Being ultra-futuristic, you could suggest that maybe the self-driving car AI system could ask a special AI-based real-time tribunal whether the self-driving car can make an illegal driving move in a particular instance, and so in real-time get pre-approved to take such an act. Again, this is a somewhat utopian view and unlikely to be enacted within any reasonably foreseeable future right now. You could also suggest that due to machine learning, and if self-driving cars are sharing their experiences, the impetus to take one illegal act could be based on having “learned” about other times that self-driving cars performed an illegal act. This though is fraught with other difficulties, including whether the situation that your self-driving car currently faces is truly akin to whatever was “learned” via machine learning. If the facts of your situation differ, even in a small way, the learned response from others might not be valid and your self-driving car could make a bad choice because of it.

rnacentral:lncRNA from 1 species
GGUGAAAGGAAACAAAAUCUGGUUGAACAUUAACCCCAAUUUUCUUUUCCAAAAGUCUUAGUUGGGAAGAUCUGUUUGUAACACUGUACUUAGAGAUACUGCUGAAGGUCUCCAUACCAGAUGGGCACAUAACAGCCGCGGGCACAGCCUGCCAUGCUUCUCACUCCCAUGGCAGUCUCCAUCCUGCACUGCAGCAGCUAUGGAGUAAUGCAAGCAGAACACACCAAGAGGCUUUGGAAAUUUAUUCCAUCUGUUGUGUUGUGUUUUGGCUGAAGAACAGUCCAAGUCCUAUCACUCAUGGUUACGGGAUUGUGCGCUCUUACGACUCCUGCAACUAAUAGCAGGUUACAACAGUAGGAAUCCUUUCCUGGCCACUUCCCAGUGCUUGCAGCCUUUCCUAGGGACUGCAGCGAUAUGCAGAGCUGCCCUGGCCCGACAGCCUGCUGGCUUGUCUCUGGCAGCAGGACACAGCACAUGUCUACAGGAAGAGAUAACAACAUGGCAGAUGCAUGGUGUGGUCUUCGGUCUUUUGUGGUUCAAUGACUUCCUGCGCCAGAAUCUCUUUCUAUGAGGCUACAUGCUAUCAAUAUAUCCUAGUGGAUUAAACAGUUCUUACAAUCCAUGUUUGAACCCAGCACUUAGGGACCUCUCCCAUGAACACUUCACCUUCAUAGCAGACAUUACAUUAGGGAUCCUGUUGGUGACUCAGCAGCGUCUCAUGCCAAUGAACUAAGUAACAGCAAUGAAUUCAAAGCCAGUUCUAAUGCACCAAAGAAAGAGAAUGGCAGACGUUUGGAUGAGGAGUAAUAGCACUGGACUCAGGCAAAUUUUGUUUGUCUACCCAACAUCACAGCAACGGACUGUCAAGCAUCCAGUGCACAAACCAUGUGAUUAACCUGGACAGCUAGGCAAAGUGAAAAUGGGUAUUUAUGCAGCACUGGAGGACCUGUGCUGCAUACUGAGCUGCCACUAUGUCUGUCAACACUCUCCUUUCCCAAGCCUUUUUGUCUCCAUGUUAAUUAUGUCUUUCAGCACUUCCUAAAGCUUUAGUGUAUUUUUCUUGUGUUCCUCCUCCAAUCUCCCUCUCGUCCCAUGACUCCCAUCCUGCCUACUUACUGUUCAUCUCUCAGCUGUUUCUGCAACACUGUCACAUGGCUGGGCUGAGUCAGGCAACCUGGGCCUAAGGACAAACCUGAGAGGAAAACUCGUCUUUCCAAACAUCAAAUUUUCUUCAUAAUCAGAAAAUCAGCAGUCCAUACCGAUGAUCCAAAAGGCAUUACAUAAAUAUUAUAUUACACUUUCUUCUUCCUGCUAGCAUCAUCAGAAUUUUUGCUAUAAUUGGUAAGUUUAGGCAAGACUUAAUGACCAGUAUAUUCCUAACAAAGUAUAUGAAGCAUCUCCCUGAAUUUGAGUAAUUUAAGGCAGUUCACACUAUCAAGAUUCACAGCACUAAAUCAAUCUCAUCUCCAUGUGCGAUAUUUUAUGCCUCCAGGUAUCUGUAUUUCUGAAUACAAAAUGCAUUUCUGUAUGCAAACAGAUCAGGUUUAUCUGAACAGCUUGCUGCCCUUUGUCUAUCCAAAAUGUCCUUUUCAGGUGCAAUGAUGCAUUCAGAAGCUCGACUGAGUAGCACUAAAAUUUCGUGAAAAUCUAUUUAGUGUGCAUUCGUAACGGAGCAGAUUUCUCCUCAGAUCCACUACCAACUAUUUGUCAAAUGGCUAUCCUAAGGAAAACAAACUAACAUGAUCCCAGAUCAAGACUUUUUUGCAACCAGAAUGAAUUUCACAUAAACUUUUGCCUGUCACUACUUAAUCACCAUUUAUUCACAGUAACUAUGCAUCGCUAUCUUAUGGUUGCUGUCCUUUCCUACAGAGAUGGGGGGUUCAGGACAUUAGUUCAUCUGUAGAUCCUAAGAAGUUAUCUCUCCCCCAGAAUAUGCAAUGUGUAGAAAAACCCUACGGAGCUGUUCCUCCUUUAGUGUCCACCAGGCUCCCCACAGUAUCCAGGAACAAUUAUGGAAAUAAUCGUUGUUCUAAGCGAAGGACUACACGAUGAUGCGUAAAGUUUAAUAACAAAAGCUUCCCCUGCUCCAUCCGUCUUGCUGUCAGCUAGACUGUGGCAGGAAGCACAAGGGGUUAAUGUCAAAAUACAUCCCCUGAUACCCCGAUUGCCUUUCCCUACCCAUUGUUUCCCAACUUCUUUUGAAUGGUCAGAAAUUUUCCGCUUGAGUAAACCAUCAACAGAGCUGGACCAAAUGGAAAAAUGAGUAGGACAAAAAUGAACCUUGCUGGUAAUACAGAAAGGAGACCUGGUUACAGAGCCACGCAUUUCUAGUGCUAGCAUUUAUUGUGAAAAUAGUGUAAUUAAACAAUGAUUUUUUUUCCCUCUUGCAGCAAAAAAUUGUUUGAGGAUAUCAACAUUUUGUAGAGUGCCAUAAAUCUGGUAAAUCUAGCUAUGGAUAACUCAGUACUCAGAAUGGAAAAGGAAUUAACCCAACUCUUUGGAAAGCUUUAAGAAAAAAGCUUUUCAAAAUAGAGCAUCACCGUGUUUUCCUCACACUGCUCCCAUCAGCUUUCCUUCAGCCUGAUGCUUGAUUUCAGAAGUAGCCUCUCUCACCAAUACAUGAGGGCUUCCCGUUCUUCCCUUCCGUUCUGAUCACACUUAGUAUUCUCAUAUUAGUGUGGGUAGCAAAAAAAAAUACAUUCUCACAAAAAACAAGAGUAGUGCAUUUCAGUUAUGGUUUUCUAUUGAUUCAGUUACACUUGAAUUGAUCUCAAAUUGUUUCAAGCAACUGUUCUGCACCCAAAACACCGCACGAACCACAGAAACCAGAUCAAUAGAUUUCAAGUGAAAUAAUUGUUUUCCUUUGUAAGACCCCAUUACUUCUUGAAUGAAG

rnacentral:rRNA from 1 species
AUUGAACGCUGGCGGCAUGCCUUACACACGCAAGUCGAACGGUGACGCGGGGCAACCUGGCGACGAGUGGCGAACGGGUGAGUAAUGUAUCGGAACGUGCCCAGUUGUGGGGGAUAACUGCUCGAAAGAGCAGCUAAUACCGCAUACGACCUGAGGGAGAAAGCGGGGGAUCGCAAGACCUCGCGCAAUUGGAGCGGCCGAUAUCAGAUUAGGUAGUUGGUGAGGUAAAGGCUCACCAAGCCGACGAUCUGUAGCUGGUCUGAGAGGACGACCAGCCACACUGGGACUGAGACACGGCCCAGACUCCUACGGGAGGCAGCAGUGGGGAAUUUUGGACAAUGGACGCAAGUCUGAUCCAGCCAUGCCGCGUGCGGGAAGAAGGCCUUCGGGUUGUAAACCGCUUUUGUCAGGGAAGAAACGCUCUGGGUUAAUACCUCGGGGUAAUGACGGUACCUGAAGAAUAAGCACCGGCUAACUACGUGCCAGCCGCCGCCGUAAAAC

Consider too the consequences associated with a self-driving car making illegal driving moves. One possible consequence is that the self-driving car maybe will create an accident and cause harm by performing the illegal act. If the self-driving car opts to go into the carpool lane illegally, as described by my example earlier about the freeway blockage, and suppose that it does so without realizing that a car that was legally in the carpool lane cannot slowdown in time and hits the self-driving car, this obviously can produce a bad result. Remember too that we are not discussing a world of all self-driving cars, in that for the foreseeable future we are going to have a mixture of human driven cars and self-driving cars. I say this because if the world had only self-driving cars, in theory they could communicate with each other and try to coordinate their activities. Thus, the self-driving car trying to barge into the carpool lane could have told the approaching self-driving car that is legally in the carpool lane to slow down and let in the illegally acting self-driving car.